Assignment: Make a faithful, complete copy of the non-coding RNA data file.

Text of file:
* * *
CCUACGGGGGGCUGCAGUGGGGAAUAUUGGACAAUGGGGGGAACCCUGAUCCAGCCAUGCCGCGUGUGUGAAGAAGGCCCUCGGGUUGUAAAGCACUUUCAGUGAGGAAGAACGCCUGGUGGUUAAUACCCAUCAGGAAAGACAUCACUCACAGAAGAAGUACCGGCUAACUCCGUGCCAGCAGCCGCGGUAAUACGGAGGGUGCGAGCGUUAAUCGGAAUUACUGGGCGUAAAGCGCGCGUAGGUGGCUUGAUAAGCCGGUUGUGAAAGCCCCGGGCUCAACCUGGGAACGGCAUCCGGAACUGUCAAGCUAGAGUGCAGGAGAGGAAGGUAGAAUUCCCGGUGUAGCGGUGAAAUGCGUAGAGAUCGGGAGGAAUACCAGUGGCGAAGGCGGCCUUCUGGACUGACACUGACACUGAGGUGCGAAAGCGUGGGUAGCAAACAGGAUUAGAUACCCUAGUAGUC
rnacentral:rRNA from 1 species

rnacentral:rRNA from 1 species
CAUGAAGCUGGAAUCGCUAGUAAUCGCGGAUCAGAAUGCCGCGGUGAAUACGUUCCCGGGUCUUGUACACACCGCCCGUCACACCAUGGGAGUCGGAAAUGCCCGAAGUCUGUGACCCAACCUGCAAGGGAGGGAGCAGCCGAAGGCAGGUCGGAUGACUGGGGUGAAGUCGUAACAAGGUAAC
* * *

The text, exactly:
CCUACGGGGGGCUGCAGUGGGGAAUAUUGGACAAUGGGGGGAACCCUGAUCCAGCCAUGCCGCGUGUGUGAAGAAGGCCCUCGGGUUGUAAAGCACUUUCAGUGAGGAAGAACGCCUGGUGGUUAAUACCCAUCAGGAAAGACAUCACUCACAGAAGAAGUACCGGCUAACUCCGUGCCAGCAGCCGCGGUAAUACGGAGGGUGCGAGCGUUAAUCGGAAUUACUGGGCGUAAAGCGCGCGUAGGUGGCUUGAUAAGCCGGUUGUGAAAGCCCCGGGCUCAACCUGGGAACGGCAUCCGGAACUGUCAAGCUAGAGUGCAGGAGAGGAAGGUAGAAUUCCCGGUGUAGCGGUGAAAUGCGUAGAGAUCGGGAGGAAUACCAGUGGCGAAGGCGGCCUUCUGGACUGACACUGACACUGAGGUGCGAAAGCGUGGGUAGCAAACAGGAUUAGAUACCCUAGUAGUC
rnacentral:rRNA from 1 species

rnacentral:rRNA from 1 species
CAUGAAGCUGGAAUCGCUAGUAAUCGCGGAUCAGAAUGCCGCGGUGAAUACGUUCCCGGGUCUUGUACACACCGCCCGUCACACCAUGGGAGUCGGAAAUGCCCGAAGUCUGUGACCCAACCUGCAAGGGAGGGAGCAGCCGAAGGCAGGUCGGAUGACUGGGGUGAAGUCGUAACAAGGUAAC